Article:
US Huron County Hires Attorney To Draft Wind Moratorium Documents

Credit: By Kelly Krager, Editor, Huron County View 8 January 2015

HURON COUNTY — The possibility the county will halt wind development until the zoning ordinance is revised took a step toward fruition as commissioners hires an attorney to draft moratorium documents.

Commissioners voted 6-1 Dec. 30 to hire Mike Homier, of the Foster Swift law firm, at a cost not to exceed $1,000. Commissioner Steve Vaughan cast the dissenting vote.

Commissioner John Nugent, who proposed the resolution, said the money will be well spent to help the county protect the health and safety of residents.

During the public comment portion of the meeting, Brad Lila, development director for RES Americas, asked commissioners to consider grandfathering his company’s project if the county decides to enact the proposed moratorium.

Lila said RES intends to break ground as soon as possible, and a six-month moratorium could threaten the project.

Lila said the company has spent approximately $3 million planning Deerfield Wind Farm, which will be located in Huron, Dwight, Bloomfield and Lincoln townships. The project comprises approximately 460 parcels encompassing roughly 20,000 acres and includes the participation of about 220 landowners.

He said the project was designed based on ordinance standards that were set in place when it received its overlay district zoning approval on the project.

“We’ve been designing on those standards due to the fact that twice, corporation council (Steve Allen) had advised the board here during the public hearing that the standards that would be in place would be those standards that were set forth at the time of overlay approval,” he said.

Lila said RES Americas has gone “above and beyond” the county’s requirements, including increasing the turbine setback from occupied dwellings from the county ordinance’s standard of 1,000 feet to 1,640 feet. Additionally, RES’s plans include a three-mile setback from Lake Huron, a standard that is recommended by the U.S. Fish and Wildlife Service, but is not required by the ordinance.

“We’ve heard loud and clear that that’s what you want and that’s what Fish and Wildlife Service wants, so that’s what we did,” he said.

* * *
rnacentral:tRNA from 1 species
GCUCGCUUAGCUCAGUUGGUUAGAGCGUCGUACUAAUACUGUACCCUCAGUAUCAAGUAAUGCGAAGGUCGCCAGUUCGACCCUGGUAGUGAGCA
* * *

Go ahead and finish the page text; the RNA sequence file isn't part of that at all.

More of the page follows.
RES also worked to site turbines and access roads on property lines to minimize any negative effects on landowners.

“We heard loud and clear from the county that is a design that you want. Despite the fact that it really does hurt our bottom dollar, we complied with that, even though it’s not in your zoning standards,” Lila said.

He added the company ensures that all landowners impacted by the project receive financial compensation.

“We’ve heard complaints that very few people benefit from wind projects. That’s simply not the case. Every single landowner within 2,100 feet of a turbine, plus many more, are going to receive payments from this project. You have 220 landowners who are going to be compensated, with or without turbines,” he said.

Most importantly, he said, the community supports the project.

“Everybody is very engaged, and we’ve heard nothing but positive comments. It’s very well received within the four townships that we’re in ,” Lila said.

Nugent acknowledged that RES is a responsible company that has worked to protect residents and the environment, and he said it is possible the project could be grandfathered.

“It’s not my intention by anything that I’m proposing to harm a good developer like yourself. It’s not the intention of this. The whole thing is centered around making sure the ordinance is correct,” Nugent said.

He added that he is sure RES would already meet whatever standard a revised ordinance would require.

“The things that you’re talking about are the things that they’re talking about putting in the ordinance,” he said.

Also, moratorium talks are just beginning, but he believes the county must take action.

“I don’t know where this is all going to go, but we have to begin somewhere in trying to control the irresponsible spread of wind turbines. There is a responsible way to do it, and your company is exemplary,” Nugent said. “It’s only in the beginning stages, and I think people are kind of panicking, but it has to be looked at because we know the ordinance is defective, and we can’t ignore that.”

Source:  By Kelly Krager, Editor | Huron County View | 2015-01-08 |